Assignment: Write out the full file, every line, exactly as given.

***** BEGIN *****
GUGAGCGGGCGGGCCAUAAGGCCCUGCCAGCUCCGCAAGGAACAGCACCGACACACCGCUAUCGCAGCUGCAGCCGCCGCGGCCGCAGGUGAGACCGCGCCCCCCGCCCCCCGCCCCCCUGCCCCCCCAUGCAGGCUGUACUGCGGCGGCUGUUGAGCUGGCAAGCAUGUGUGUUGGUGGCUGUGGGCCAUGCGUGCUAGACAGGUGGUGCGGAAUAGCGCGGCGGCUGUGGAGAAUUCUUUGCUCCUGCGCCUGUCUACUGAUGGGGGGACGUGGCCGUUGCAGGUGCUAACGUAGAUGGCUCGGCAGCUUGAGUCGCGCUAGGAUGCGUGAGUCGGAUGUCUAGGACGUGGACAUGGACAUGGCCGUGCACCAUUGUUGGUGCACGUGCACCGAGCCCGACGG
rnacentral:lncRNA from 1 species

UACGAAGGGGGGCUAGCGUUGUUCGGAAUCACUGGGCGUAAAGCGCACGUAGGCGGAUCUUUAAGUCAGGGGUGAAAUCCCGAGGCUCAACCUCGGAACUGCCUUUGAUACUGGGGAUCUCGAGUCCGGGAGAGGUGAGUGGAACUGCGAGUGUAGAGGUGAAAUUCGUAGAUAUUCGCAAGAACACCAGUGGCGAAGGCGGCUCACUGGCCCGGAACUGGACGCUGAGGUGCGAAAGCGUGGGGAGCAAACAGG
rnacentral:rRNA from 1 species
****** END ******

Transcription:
GUGAGCGGGCGGGCCAUAAGGCCCUGCCAGCUCCGCAAGGAACAGCACCGACACACCGCUAUCGCAGCUGCAGCCGCCGCGGCCGCAGGUGAGACCGCGCCCCCCGCCCCCCGCCCCCCUGCCCCCCCAUGCAGGCUGUACUGCGGCGGCUGUUGAGCUGGCAAGCAUGUGUGUUGGUGGCUGUGGGCCAUGCGUGCUAGACAGGUGGUGCGGAAUAGCGCGGCGGCUGUGGAGAAUUCUUUGCUCCUGCGCCUGUCUACUGAUGGGGGGACGUGGCCGUUGCAGGUGCUAACGUAGAUGGCUCGGCAGCUUGAGUCGCGCUAGGAUGCGUGAGUCGGAUGUCUAGGACGUGGACAUGGACAUGGCCGUGCACCAUUGUUGGUGCACGUGCACCGAGCCCGACGG
rnacentral:lncRNA from 1 species

UACGAAGGGGGGCUAGCGUUGUUCGGAAUCACUGGGCGUAAAGCGCACGUAGGCGGAUCUUUAAGUCAGGGGUGAAAUCCCGAGGCUCAACCUCGGAACUGCCUUUGAUACUGGGGAUCUCGAGUCCGGGAGAGGUGAGUGGAACUGCGAGUGUAGAGGUGAAAUUCGUAGAUAUUCGCAAGAACACCAGUGGCGAAGGCGGCUCACUGGCCCGGAACUGGACGCUGAGGUGCGAAAGCGUGGGGAGCAAACAGG
rnacentral:rRNA from 1 species